HomeBusinessZim moves to generate more revenue from wildlife

Zim moves to generate more revenue from wildlife


FIVE countries have shown interest in buying live animals from Zimbabwe, the Zimbabwe Parks and Wildlife Management Authority (ZPWMA) has said, as the country moves to generate money for conservation purposes.


The move comes amid restrictions placed on the local wildlife industry after the United States United States Fish and Wildlife Service (USFWS) suspended imports of sport-hunted African elephant trophies from Zimbabwe and Tanzania over alleged questionable management practices.

ZPWMA acting director conservation Geoffreys Matipano said the authority was considering the requests from France, China, South Africa, United Arab Emirates and Democratic Republic of Congo (DRC).

He said the requests would be considered with the need to preserve the country’s wildlife in mind.
“It’s only this year that we are considering live sales. Seriously 4 to 5 years going back was like a self-imposed moratorium,” he said.

Matipano said South Africa wants sables and buffaloes, China, UAE and France are interested in elephants while the DRC wants to buy ostriches.

The confirmation of pending sales is likely to send the authority on a collision course with the Zimbabwe Conservation Task Force that is against the sale of the animals saying the country is selling the future generation’s natural resources.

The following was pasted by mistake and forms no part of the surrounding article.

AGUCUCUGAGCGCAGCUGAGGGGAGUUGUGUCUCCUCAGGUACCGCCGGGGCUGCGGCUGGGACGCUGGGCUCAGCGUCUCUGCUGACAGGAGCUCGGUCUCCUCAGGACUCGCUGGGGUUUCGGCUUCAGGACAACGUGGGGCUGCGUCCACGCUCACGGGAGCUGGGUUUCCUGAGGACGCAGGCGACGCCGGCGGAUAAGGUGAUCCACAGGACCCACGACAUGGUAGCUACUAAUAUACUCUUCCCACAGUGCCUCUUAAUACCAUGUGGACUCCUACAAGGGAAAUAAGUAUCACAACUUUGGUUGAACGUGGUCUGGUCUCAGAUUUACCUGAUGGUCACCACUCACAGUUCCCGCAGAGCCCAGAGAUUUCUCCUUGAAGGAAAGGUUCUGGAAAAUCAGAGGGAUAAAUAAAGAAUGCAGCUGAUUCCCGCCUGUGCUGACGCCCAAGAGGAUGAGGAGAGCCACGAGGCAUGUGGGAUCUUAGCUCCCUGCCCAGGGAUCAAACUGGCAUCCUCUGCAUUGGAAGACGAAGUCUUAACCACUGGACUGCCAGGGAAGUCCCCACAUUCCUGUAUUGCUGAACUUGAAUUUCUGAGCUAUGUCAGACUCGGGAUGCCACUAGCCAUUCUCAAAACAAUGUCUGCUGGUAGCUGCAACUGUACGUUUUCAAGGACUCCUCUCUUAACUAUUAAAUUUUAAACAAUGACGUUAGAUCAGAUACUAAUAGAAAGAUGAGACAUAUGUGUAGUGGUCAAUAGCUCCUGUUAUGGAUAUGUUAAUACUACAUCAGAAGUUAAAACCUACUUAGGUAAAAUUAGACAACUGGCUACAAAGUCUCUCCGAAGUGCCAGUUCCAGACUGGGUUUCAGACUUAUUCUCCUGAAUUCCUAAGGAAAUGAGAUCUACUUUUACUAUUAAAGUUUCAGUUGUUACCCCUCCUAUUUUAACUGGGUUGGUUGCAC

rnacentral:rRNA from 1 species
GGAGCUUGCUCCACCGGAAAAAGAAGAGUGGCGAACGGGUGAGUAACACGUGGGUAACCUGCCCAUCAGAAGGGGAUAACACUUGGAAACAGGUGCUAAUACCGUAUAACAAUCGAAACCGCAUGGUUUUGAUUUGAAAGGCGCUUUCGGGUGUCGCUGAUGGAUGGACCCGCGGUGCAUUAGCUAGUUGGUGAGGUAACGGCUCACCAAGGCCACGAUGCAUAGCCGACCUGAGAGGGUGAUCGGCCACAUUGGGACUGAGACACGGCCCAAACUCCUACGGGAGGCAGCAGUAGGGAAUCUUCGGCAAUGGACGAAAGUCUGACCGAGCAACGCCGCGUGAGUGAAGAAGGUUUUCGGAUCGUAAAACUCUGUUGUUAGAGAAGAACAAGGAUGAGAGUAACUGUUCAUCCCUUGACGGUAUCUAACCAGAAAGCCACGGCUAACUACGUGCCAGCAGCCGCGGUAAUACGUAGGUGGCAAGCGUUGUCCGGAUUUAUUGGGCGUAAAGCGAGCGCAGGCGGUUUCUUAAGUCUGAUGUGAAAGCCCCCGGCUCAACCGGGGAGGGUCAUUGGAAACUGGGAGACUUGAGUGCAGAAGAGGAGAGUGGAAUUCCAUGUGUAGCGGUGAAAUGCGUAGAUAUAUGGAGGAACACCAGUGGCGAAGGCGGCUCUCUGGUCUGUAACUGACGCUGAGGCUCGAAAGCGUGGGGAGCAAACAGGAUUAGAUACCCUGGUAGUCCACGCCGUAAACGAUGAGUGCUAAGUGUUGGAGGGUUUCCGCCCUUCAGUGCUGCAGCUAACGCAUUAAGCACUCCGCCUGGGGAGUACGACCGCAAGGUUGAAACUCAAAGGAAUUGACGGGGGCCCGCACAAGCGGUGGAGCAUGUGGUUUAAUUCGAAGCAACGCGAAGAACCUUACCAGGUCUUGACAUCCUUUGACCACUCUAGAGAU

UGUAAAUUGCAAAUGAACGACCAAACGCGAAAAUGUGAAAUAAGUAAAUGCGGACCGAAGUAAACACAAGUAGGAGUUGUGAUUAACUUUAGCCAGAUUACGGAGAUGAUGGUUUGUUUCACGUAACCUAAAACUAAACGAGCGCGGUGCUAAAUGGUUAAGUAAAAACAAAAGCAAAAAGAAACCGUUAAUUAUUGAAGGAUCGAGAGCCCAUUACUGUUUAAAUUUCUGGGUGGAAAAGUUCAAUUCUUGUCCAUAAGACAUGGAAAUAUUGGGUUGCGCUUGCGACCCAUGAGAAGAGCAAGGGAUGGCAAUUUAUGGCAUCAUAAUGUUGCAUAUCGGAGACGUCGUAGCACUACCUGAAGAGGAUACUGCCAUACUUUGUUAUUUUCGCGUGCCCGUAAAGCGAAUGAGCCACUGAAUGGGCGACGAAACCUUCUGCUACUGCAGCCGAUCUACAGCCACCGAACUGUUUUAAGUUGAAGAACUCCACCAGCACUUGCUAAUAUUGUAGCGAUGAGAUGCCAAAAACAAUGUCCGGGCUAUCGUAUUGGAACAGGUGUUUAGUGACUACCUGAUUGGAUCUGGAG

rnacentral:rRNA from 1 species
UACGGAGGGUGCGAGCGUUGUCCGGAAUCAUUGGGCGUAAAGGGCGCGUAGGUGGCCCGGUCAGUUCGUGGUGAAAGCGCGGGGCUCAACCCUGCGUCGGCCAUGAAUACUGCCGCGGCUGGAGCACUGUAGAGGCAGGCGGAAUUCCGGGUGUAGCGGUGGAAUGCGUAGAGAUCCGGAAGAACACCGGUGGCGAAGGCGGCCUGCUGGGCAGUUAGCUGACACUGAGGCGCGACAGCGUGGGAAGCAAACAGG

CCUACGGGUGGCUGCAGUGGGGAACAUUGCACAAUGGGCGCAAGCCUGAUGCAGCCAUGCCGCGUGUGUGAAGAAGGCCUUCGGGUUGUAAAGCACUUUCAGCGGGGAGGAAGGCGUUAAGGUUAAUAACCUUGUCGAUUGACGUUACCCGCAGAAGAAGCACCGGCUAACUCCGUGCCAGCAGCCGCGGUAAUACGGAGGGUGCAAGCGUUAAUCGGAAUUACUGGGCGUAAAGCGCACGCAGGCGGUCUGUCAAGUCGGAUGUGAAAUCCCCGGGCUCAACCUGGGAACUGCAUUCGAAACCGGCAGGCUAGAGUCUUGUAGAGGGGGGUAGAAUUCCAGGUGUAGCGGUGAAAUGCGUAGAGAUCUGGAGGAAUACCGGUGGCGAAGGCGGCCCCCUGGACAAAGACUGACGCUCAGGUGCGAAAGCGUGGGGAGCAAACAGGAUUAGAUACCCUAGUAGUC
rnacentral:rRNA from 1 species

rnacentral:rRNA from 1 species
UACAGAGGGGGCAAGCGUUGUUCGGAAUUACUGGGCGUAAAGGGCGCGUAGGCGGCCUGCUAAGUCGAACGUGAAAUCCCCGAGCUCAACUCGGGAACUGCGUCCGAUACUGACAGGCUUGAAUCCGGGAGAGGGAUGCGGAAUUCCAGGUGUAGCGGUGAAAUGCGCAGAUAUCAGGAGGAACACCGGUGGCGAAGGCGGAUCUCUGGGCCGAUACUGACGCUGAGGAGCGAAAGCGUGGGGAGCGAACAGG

Matipano said the interested buyers have also approached private players and the authority would facilitate the transaction. This involves sending officials to the potential buyers’ countries to vet whether or not the environment would be suitable for the animals.

He said the sale would achieve two ends: raise revenue for conservation and growing new population. Government is failing to support the authority to do research and human wildlife management among others.

The authority has been on its own and did not get any seed capital when it was weaned from government in 2002.

He said the authority was working on partnerships with the private sector and other donor agencies to stay afloat.

To date, two partnership arrangements have been established in Gonarezhou and Mupfurudzi.

“This is a new concept in Zimbabwe when we started with Gonarezhou where we are partnering with a non-governmental organisation [Frankfurt Zoological Society] which is not interested in profits.

We have been together for five years now,” he said.

“They don’t expect any profit. The profit we are ensuring is making sure that biodiversity is conserved.”

In Mupfurudzi, the authority has partnered with Pioneer Africa Corporation.

“Pioneer has invested not less than $3 million. They have invested in roads, build some lodges and five are currently operating,” he said. Matipano said the authority’s approach was co-management and is lobbying government “to give us something to support statutory obligations in anti-poaching and research”.

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